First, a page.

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Thread: Profile Evaluation, Fall 2019

  1. #1
    Trying to make mom and pop proud
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    Profile Evaluation, Fall 2019

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    Hi all! I have a noisy/unconventional profile, so I'm hoping to receive some thoughtful responses to help narrow down my application list. I plan to apply for Fall 2019 to test the waters, but understand that my profile will likely benefit from another year of math classes / that I may need to reapply for 2020.


    Type of Undergrad: Top 50ish State Flagship University

    Undergrad GPA (Economics major, History minor): 4.0

    Type of Grad: Grad Certificate in Data Mining (1 year program, same as undergrad)

    Grad GPA: 4.0

    GRE: 167Q/167V 4.5 AW
    (retaking in Nov. to hopefully improve Q)

    Math/Stats Courses:
    - Undergrad: (all A+) Calculus w/ Applications, Calculus I, Statistics
    - Grad: (all As): Statistical Data Mgmt I and II, Data Mining I & II
    - Non degree seeking: (taken after grad at a different State U, while working full-time): Calc II (A), Linear Algebra (A), Calc III (in progress, Fall 2018, likely will not wait for grade to apply), may take Differential Eq. and/or Real Analysis in Spring 2019 depending on how cycle goes.

    Econ Courses: (All A+s unless otherwise specified): Intro Micro, Intro Macro, Intermediate Micro (A-), Intermediate Macro, Public Finance, Urban Economics (A-), International Trade, Industrial Org, Environmental Econ

    Other Academic Stuff: skilled with predictive modelling and data mining/analysis, somewhat skilled with programming and querying

    Letters of Recommendation: 1 econ professor that I RA'ed for in grad school (will be excellent), 1 econ professor from undergrad (will be very good), 1 grad stats professor (should be strong).

    Research Experience:
    1 year of graduate-level, part-time RAing, in risk/insurance. Will end up as co-author on forthcoming paper(s).

    Teaching Experience:
    nothing formal

    Work Experience:
    1 year for non-profit (unrelated to econ); 1 year in high-level public sector consulting (tangentially related to econ)

    Research Interests:
    Housing markets; International development; Behavioral; RCTs

    - My grad program was initially supposed to be a 2-year Applied Econ program, but I left after 1 year since I determined at the time that I only wanted the Data Mining certificate (wanted to explore, travel, work in the real world, etc.)
    - No econometrics
    - Probably no grade for Calc III when I apply, and nothing past LA (no RA, no Diff Eq yet)
    - Undergrad institution rank
    - Perception of math grades, which came later in life from non degree seeking courses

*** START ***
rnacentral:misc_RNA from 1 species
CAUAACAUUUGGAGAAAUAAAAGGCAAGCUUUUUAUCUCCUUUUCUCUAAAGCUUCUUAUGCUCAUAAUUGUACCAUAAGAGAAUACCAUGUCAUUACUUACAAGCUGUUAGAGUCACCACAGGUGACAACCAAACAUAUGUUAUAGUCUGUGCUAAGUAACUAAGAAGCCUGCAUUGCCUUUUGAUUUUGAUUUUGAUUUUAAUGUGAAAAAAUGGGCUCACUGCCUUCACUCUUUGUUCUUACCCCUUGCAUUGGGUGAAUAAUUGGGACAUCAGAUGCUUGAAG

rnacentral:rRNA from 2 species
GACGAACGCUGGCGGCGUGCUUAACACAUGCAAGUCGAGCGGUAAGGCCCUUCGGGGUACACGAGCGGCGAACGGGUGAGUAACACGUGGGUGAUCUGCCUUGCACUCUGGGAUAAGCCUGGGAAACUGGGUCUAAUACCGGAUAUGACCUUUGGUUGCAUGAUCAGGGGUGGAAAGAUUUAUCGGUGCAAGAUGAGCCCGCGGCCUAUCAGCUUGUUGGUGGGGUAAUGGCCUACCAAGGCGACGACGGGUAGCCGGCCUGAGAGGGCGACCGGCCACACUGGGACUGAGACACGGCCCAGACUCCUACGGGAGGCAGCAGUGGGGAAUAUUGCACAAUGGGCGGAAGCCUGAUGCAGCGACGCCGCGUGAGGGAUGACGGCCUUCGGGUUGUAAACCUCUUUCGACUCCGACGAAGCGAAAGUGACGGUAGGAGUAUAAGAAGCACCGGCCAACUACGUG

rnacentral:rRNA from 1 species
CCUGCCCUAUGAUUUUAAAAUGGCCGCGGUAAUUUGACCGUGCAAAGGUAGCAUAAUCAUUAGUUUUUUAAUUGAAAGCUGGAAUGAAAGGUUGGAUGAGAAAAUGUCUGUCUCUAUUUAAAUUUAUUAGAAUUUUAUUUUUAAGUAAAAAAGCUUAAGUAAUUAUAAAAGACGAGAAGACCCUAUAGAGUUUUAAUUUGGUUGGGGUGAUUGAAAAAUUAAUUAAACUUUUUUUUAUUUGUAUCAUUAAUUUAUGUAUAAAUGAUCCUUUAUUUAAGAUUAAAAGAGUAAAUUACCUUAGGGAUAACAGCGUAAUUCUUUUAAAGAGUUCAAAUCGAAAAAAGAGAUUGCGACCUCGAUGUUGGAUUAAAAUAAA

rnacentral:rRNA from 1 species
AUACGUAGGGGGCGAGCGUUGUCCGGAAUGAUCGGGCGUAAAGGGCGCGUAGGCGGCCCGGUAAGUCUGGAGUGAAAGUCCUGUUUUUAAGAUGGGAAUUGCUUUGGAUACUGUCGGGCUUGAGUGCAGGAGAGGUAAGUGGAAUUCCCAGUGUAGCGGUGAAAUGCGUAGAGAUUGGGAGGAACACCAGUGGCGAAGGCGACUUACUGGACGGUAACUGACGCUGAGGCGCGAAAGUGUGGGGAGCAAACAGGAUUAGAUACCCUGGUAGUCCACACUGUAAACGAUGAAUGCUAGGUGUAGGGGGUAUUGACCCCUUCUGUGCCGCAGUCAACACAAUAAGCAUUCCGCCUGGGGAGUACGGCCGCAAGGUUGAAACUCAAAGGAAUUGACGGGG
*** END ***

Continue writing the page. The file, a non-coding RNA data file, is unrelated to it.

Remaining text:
- Not a ton of research

    Schools I'm looking at:
    Wisconsin, Michigan, Duke, Brown, Ohio State, Boston College, Boston University, Texas, North Carolina, Notre Dame, Georgetown, UVa, Brown, Iowa, Illinois

    Thank you!

  2. #2
    An Urch Guru Pundit Swami Sage
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    Re: Profile Evaluation, Fall 2019

    Data mining / predictive stats courses are similar conceptually to a first/second course in linear regression, but expressed very differently than in standard econometrics. Adcoms will be concerned about your ability to transition into metrics-speak and pass first-year prelims; most students will have encountered the terms before and use their prior definitions to infer what the probabilistic/matrix expressions refer to, but you'll have nowhere to start. You'll also struggle with grad macro initially without diff equations. Grad micro may or may not be an issue depending on how rigorous your undergrad intermediate course is. I'd say the institution for the math/econ courses are less of an issue; 4.0/4.0 in a state flagship econ program and then a grad stats program is a very strong signal of problem-solving ability and work ethic. Problem is that you'll have some material to catch up on all three core sequences if you enroll next year, and top/mid-tier programs may be wary of providing you first-year funding if there's a high chance of you dropping/failing out. Some departments in public institutions are particularly concerned with attrition due to internal regulations/scrutiny.

    I think 1 extra year of coursework may help a lot with your chances; you can possibly take some courses in econometrics and game theory while getting paid for RA work (which you also need more of, but this is a secondary concern for your range). But in either case, no harm in applying; I'd just suggest that if you don't get admitted with funding, take an extra year and aim for the same range of programs rather than settling for lower-ranked programs or an unfunded offer.

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